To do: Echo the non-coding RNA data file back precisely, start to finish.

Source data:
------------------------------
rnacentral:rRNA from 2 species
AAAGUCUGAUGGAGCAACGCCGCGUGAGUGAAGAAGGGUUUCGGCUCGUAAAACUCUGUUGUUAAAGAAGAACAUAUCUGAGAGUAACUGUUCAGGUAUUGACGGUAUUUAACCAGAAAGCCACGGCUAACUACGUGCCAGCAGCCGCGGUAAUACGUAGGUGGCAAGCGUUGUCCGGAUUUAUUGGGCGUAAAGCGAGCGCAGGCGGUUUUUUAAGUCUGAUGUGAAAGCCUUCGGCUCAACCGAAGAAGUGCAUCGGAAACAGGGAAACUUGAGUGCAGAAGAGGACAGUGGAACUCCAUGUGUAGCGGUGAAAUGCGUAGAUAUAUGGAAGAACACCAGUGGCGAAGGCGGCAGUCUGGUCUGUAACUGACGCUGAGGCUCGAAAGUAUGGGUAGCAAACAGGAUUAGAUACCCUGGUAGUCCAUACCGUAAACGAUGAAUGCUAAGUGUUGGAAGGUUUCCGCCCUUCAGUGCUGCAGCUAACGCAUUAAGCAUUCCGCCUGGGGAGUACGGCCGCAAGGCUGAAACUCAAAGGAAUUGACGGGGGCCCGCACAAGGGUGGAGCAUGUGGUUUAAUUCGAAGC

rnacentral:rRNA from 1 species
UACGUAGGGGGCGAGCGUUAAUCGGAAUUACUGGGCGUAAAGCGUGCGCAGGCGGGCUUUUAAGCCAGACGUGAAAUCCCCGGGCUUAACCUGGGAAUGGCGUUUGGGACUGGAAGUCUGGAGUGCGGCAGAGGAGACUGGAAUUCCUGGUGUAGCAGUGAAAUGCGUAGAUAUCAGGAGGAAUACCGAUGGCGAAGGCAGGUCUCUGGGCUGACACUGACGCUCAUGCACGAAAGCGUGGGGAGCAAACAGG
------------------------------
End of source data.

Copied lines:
rnacentral:rRNA from 2 species
AAAGUCUGAUGGAGCAACGCCGCGUGAGUGAAGAAGGGUUUCGGCUCGUAAAACUCUGUUGUUAAAGAAGAACAUAUCUGAGAGUAACUGUUCAGGUAUUGACGGUAUUUAACCAGAAAGCCACGGCUAACUACGUGCCAGCAGCCGCGGUAAUACGUAGGUGGCAAGCGUUGUCCGGAUUUAUUGGGCGUAAAGCGAGCGCAGGCGGUUUUUUAAGUCUGAUGUGAAAGCCUUCGGCUCAACCGAAGAAGUGCAUCGGAAACAGGGAAACUUGAGUGCAGAAGAGGACAGUGGAACUCCAUGUGUAGCGGUGAAAUGCGUAGAUAUAUGGAAGAACACCAGUGGCGAAGGCGGCAGUCUGGUCUGUAACUGACGCUGAGGCUCGAAAGUAUGGGUAGCAAACAGGAUUAGAUACCCUGGUAGUCCAUACCGUAAACGAUGAAUGCUAAGUGUUGGAAGGUUUCCGCCCUUCAGUGCUGCAGCUAACGCAUUAAGCAUUCCGCCUGGGGAGUACGGCCGCAAGGCUGAAACUCAAAGGAAUUGACGGGGGCCCGCACAAGGGUGGAGCAUGUGGUUUAAUUCGAAGC

rnacentral:rRNA from 1 species
UACGUAGGGGGCGAGCGUUAAUCGGAAUUACUGGGCGUAAAGCGUGCGCAGGCGGGCUUUUAAGCCAGACGUGAAAUCCCCGGGCUUAACCUGGGAAUGGCGUUUGGGACUGGAAGUCUGGAGUGCGGCAGAGGAGACUGGAAUUCCUGGUGUAGCAGUGAAAUGCGUAGAUAUCAGGAGGAAUACCGAUGGCGAAGGCAGGUCUCUGGGCUGACACUGACGCUCAUGCACGAAAGCGUGGGGAGCAAACAGG